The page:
We were very scared. We thought we could be jailed at any moment. We had no freedom.
Truth is stranger than fiction every day of the week. And more shocking, sad, funny, illuminating, inspiring, terrifying, horrifying and theatrical. And plenty more besides.
Truth is life and life, as we all know, never goes to script. You can plan for things all you like, but there’s often a curveball coming your way and all you can do is deal with it as best you can. The trick is not to let it defeat you.
Be Ha faced one of those curveballs in the mid 1970s. Living happily with her husband and two young children in a small town outside of Saigon, Be’s world rocked on its axis when the Vietnamese Communist Party took control of the country.
When the Communists came, they took everything and controlled everything, she says.
They took my parents’ farm, all the land, shops, houses – everything. We all had to move into a small house – me, my husband, my mum and dad, my two children (aged two and three) and my 11 brothers and sisters. We were very scared. We thought we could be jailed at any moment. We lived like that for two years and that’s when we decided to escape Vietnam. We had no freedom.
That decision resulted in Be and her immediate family landing in Australia about four years later. But that’s the shorthand version of events. The devil, and suspense, as always, is in the detail.
To get to Australia, Be, her husband, her two young children and one of her sisters had to cram into a tiny fishing vessel (12m x 3.5m) with 149 others and set off, destination unknown.
To make matters worse, there was no food or water available on board, the boat was attacked by pirates (twice) and the passengers were at sea for 30 days. That’s a long time to go without something to eat or drink and, unfortunately, two passengers died of starvation – one of them an elderly man who sat next to Be the whole journey.
I was treated like a no one.
Colin Hiscoe has stared down a few curveballs in his time, too – curveballs you wouldn’t wish on anyone. Colin is a man with an intellectual disability which went undiagnosed until he was at least well into his 20s. But even that pales into comparison when you hear him speak of his teenage years.
At first he was abused by his uncle – ‘I was treated like a no one’ – then by fellow inhabitants and the landlord at a Boys’ Home.
I was abused, I was mistreated,he says.
The landlord belted me from the back of my shoulders, back of my neck, right down to the back of my legs where my ankles are. I was black and blue.
Colin ended up running away, but the abuse kept following him. Remarkably the scars – physical and psychological – are hard to see. Colin says he has learnt to let the anger that would consume him slowly subside.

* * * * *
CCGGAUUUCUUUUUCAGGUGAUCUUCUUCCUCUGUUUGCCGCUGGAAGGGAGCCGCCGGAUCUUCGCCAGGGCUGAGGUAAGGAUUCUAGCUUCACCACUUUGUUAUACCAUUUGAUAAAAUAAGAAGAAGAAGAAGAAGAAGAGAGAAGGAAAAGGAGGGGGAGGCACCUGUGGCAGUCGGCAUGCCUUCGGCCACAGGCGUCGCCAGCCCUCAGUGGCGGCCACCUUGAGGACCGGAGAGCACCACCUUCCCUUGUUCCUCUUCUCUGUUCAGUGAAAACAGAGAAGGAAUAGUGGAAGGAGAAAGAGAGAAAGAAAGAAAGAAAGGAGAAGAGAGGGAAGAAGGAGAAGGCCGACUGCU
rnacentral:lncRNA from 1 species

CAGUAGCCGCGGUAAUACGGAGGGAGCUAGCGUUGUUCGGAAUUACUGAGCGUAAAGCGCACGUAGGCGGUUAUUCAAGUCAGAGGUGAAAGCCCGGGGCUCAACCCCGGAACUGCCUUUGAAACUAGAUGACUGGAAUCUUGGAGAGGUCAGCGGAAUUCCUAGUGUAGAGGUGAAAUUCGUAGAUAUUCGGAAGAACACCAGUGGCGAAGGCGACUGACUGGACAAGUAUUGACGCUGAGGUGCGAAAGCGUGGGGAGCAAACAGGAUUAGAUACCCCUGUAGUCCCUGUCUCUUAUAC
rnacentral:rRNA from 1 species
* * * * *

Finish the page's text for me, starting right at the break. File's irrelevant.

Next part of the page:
You just have to keep on going. I used to get sick and tired of being pushed around and then I started fighting back and then I thought maybe that’s not the right way to go about it, maybe I just have to try and smile and be happy. Does that make sense?
I’ve spent my whole life knowing there’s something in me that’s different.
Sally Conning hasn’t had to come to grips with too many curveballs, save for the one she was born with. Not that she’d change a thing. Sally identifies as transgender, something she first realised at about age five. However, it took another 53 years before she finally felt comfortable introducing herself to the world.
In the intervening years she lived as a man, sharing her secret only with family and partners.
I’ve known I was different since age five, when I wore my sister’s clothes, Sally says.
I’ve spent my whole life knowing there’s something in me that’s different and I got to the point where I had to … express myself as Sally and not as ‘the boy’.
Two years ago I knew I was going to retire, I knew I was going to live full-time as myself. I walked out the door from work on that last day and took off ‘the boy’s’ clothes for the last time – ever.
When asked what it is about wearing women’s clothes that compels her to don them, Sally says it relaxes her.
Every time I got tensed up I’d dress in girls clothes and I’d relax instantly, she says.
Sally has two children who still call her ‘dad’.
They’ve known about Sally for a long time. I have a daughter and son, 36 and 34, and they’re fine with it. They’ve met her.
Like all the people interviewed for this story, Sally is a glass-half-full person. Despite the inner turmoil she has felt over the years, and despite losing one of her best mates when he heard about Sally, she says she wouldn’t wish for a different life.
(Otherwise) I would not have had the life experiences I’ve had, she says.
If we can educate the ignorant then … we could co-exist in this crazy, mixed-up world.
Phil Cooper sees curveballs on a weekly basis, but, in his case, they’re almost always one and the same – racism.
Phil says he first saw it as a boy and still sees it today.
(When I was growing up) an Aboriginal person had to put up with blatant racism, the refusal of employment, renting a house, refusal of a drink at the local pub or entry into night clubs, he says.
We were served last at the shops. It was abuse from small-minded people every day.
I’d say 50 per cent of people are ignorant (about Aboriginal issues). If we can educate the ignorant then we’d have the majority being like-minded and we could co-exist in this crazy, mixed-up world. We need to educate the educators that are teaching the children who are our future leaders.
Asked if he could see that happening in his lifetime he pauses and tells of a recent experience.
I got vilified twice in one week, he says.
They wouldn’t serve me a beer and this bloke called me a ‘coon’. I probably get racially abused once or twice a month.
Life. Sometimes it’s not easy to live with.